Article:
So-called wise men complain that the armchair warrior is producing “deficits,” emptying the coffers of the state and sinking it ever deeper into indebtedness to usurers and foreign moneylenders. In their “wisdom,” these so-called wise men are like the scholar who came to speak with Nan-in. Pretending to ask a question, the scholar flaunted his learning for ten minutes while Nan-in, attending politely, brewed a pot of tea. When the master filled the scholar’s cup, he kept pouring until the tea overflowed the cup, ran onto the table, and dripped to the floor, forming a great puddle.

The scholar, astonished, asked the meaning of Nan-in’s action. “The mind is like this cup,” said Nan-in. “If you do not empty yourself, how can you expect to be filled?” The coffers of the state, too, are like the cup. If they are not frequently emptied, how can they be filled? Thus, the warrior takes it upon himself to empty the coffers of the state into the pockets of his friends, his relations, and other members of his class. Knowing well the corrupting power of luxury, he distributes these treasures with reluctance. They are accepted with equal reluctance. Yet not one among his fellows shirks his duty.

The goal of life is awareness; the goal of awareness is freedom. If the people of a foreign land do not wish to be free, it is the duty of the armchair warrior to force them.

The warrior strengthens his resolve and that of his followers by chanting sutras, mantras, or other strings of words, such as weaponsofmassdestruction or linkstoalqaeda or bringingdemocracytotheworld. It is not important that these words bear any relation to reality or even that they have any definite meaning. All that matters is that they be chanted repeatedly and with great urgency.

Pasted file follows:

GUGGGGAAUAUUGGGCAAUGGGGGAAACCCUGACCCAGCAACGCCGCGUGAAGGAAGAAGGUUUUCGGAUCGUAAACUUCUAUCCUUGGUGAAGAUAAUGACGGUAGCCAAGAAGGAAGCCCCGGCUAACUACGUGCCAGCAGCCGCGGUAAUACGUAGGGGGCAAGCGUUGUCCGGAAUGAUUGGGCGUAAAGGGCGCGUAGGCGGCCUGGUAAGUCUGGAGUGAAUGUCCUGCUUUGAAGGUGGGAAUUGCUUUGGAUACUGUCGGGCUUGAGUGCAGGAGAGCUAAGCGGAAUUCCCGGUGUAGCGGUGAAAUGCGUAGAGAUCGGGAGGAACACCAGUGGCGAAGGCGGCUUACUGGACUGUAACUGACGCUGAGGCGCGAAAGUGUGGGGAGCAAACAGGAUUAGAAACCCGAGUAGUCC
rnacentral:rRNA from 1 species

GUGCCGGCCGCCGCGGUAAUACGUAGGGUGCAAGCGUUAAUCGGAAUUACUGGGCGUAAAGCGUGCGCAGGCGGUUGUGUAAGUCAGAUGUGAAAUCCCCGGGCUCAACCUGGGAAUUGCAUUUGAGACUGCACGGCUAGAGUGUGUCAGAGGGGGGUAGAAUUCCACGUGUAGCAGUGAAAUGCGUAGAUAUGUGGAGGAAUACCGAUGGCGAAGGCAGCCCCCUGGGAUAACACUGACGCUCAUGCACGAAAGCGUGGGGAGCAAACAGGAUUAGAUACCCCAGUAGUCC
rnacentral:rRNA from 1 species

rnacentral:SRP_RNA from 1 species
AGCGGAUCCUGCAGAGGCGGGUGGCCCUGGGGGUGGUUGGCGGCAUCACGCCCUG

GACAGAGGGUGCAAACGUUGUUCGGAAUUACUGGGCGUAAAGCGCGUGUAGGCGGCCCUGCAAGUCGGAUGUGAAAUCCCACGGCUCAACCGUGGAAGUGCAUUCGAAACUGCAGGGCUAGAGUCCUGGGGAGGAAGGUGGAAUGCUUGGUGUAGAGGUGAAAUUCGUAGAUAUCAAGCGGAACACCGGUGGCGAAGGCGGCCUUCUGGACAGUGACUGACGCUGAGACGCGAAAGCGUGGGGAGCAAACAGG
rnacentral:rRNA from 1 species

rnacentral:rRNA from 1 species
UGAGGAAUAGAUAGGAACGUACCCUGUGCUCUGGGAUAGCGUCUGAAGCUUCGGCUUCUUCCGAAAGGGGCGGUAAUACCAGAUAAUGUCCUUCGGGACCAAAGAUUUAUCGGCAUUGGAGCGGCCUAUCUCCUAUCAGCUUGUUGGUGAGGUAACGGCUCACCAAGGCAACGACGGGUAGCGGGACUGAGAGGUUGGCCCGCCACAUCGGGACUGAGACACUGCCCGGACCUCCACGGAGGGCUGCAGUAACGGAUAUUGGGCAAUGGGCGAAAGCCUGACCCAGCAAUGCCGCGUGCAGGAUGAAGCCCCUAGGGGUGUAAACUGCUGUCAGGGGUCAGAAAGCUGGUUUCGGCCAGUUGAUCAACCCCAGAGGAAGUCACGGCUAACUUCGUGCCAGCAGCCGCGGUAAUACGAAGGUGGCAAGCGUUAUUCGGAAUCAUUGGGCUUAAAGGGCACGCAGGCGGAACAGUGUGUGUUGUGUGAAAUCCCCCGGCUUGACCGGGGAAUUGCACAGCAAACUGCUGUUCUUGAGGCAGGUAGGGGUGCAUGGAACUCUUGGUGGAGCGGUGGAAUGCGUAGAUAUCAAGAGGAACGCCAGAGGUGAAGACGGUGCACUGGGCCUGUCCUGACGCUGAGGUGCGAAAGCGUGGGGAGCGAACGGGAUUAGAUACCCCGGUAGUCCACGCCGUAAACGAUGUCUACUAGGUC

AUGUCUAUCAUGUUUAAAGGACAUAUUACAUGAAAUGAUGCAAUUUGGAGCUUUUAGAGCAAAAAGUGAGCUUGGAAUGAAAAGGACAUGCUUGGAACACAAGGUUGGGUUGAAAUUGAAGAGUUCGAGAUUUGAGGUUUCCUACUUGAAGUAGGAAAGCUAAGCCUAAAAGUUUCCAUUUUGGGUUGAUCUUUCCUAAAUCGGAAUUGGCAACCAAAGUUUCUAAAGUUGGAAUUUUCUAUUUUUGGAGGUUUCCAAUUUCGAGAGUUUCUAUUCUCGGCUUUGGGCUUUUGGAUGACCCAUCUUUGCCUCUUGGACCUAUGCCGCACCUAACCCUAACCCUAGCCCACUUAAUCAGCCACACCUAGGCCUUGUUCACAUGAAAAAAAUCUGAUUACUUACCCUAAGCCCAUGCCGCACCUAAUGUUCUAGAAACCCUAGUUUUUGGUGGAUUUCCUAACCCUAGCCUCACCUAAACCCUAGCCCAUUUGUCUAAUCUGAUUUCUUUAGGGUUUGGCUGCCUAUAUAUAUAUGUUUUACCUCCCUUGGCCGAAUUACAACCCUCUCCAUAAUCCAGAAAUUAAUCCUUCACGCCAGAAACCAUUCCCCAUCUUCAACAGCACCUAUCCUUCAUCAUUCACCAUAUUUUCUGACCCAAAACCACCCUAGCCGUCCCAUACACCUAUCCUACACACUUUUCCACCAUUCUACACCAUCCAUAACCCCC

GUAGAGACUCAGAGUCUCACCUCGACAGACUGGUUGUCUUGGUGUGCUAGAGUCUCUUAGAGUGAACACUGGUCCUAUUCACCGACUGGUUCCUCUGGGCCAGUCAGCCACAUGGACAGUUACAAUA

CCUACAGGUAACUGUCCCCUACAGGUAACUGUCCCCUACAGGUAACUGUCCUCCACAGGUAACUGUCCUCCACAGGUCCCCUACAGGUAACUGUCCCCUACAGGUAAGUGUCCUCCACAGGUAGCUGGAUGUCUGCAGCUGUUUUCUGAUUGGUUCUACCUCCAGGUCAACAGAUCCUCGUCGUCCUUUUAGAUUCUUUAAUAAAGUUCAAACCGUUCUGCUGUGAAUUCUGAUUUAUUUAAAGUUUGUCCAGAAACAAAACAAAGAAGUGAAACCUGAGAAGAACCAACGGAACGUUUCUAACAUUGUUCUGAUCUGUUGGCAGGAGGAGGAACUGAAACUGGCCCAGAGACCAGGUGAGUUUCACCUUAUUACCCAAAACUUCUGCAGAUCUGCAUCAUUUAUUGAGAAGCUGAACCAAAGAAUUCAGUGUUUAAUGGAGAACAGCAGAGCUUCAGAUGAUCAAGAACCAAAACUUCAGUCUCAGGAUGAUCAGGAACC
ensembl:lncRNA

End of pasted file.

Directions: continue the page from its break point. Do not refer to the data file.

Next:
The Chinese word for “crisis” combines the characters for “danger” and “opportunity.” For the armchair warrior, the significance of this is clear. Every crisis is an opportunity, and the lack of crisis poses a grave danger. In crisis, the people turn to the warrior for guidance. Hence, if a crisis has not occurred, the warrior creates one. If a crisis is subsiding, the warrior inflames it. The seventy-third hexagram of the I Ching is interpreted as follows: “Two towers fall. When smoke fills the people’s eyes, they can be led anywhere.”

Once, a group of travellers were on a perilous journey, in the course of which they had to cross a river. Unluckily, their guide forgot the location of the bridge, so the party had to ford the river, which, at the place they then found themselves, was shallow but very wide. After several minutes of wading through the icy water, the travellers began to grumble, “This guide is worthless! Let us abandon him and find another!” Sensing the discontent of his charges, the guide cleverly led them into a deeper part of the river, where the current was stronger and the footing more treacherous. “Help us!” the travellers cried. “Esteemed guide, do not abandon us!”

The unenlightened believe it to be the height of felicity to have no enemies. The armchair warrior knows, however, that only a steady supply of enemies can assure him the loyalty of his friends. When so-called wise men warn him that in rashly slaughtering his enemies he is merely manufacturing more of them, he smiles.

More on Chalabi and the Neo-Cons

News about the "escape" of the Saudis after 9/11

June 1, 2004